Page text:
Hello and welcome back to our value brought to you by Idei Distributors, America’s inflation source. You’re listening to the Insulators podcast, Our Value Hadon. What’s up, Pancake, it’s Friday again, hard to put a time stamp on a podcast, it’s going to get released later. But I can tell you it’s Friday and it’s probably one of the last nice days here in Minnesota. So we’re going to hopefully get out of here and enjoy it. You know what else it is? Travis Archery Deer Opener tomorrow here in.

It’s the most wonderful time of the year.

Yes, it is. Archery season. And how many times have we done and you still don’t turn off your ringer on your phone. I did. It’s my damn watch that does it every single time. You know, you can turn the sound off of that, too. No, I didn’t.

But I got three days, 15 hours, two minutes and 51 seconds until I go on my South Dakota archery trip. Woot, woot. So looking forward, Donnie, we have a fantastic guest today. Way to cut me off on deer hunting. That’s all right. I just want to get to what we get to so that I can get going out of here. So now I got the office.

That’s OK. It goes to show that you do go to work.

I am in the office. All that aside, Donahoo, are we talking to today? Well, here is a guy that’s kind of rare these days. Pancake at the age of 38. He is only on his second job. And that being his second job is being iodized fibreglass and equipment and sales rep. Previously, he spent twenty one plus years at Krondl Machine Company. And if you can do the math as good as I can, that’s what he started about 17. You started as a general laborer, then moved to team leader, followed by a sales position and then on to distribution sales manager. And he ended his career there as fabrication and distribution business sales manager. He joined Idei early in twenty twenty, and as his job description states, he handles our fiberglass fiberglass equipment sales as well as assisting in our training customers in the field. And during one of our numerous trainings that we hold nationally throughout the year. So with that, I would welcome Chris first to the show. Twenty one years at Crandall, yes, sir.

Did I do my math right? Yup, I started 17, so I was working, actually, that was my second job. My first job was I was a cook in high school, but I didn’t think that needed to be on my resume anymore. I started there and just wanted to get in a job that I could go to work in the evenings every night because I was a kid that just wanted to work. So that fit the bill and just stayed there.

Well, I guess if there’s anything good to come out of covid, we think covid for happening because that’s how you fell into our laps. And I know that I knew you through the years when you were at Crandall assisting us with trainings and stuff. So I can’t tell you how excited I am to have you aboard and you’ve been been damn good at what you’ve been doing the last six months. So now we get to do a podcast with you.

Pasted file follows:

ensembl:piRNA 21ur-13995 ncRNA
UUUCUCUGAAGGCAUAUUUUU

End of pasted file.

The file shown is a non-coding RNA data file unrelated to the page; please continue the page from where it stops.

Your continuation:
It’s been a good transition. I’ve been having fun. It’s good.

Welcome aboard, Josh. I mean, you’re going to have to explain that one to the listeners. Oh, it’s just one of those things where, you know, when you call somebody the wrong name and they don’t correct you right away. And so you think, oh, that’s his name. It’s Josh. Well, one of our employees who I won’t mention her name, but the initials are Chelsea Whitley, kept calling him Josh and Chris just let it roll. And she was so floored to find out that his name actually wasn’t Josh. But now it just sticks. And that’s what most of us call him now.

That’s amazing. We should get a separate business card made up of Josh, and he’s too nice to correct her.

Probably so honestly, I didn’t know until that day on the airplane when she was yelling, Hey, Josh, Josh did not know she was talking to me.

And so we got off the plane when we got off. So she was referring to you even better because she she was a customer.

Comes in handy when you turn back and yelled, hey, Josh. And I just assumed there was another tech behind me on the plane.

She so you’re like, hey, I know that girl, but I don’t know who Josh is. Yes, Josh. And then when we got there and said, hey, Josh and I realized at that time, two years after I first met her, that she thought it was Josh.

That is amazing. Yes, it is. What a great what a great podcast story. Great. Great podcast story.

So, Chris, you’re with Idei now and you’re the Fiberglas and equipment sales person. What does that really entail?

So work with the work with the guys. We’ve got a lot of sales guys and there’s a lot of new guys looking to get into the business and and gals. Guys and gals. Correct. There’s a lot of different people looking or a lot of new people looking to get into the business. And it can be pretty confusing picking out a machine. There’s a lot of different machines. So I kind of help answer questions on on equipment. What’s going to work best for them, how to how to size up the right machine for what they’re looking to do. And then after they get the machine, make sure that they’re running it properly, getting coverage out of their material, being able to to do anything they need to do with it. Aren’t all blow machines the same way or not? There’s a lot of different companies and a lot of different places. They all do the same thing. Basically, you take a dense bag of material, you throw it in there and you want it to blow out and get your coverage. But there are they all have their differences and different speeds and everything. So there’s a lot of different things that go into it.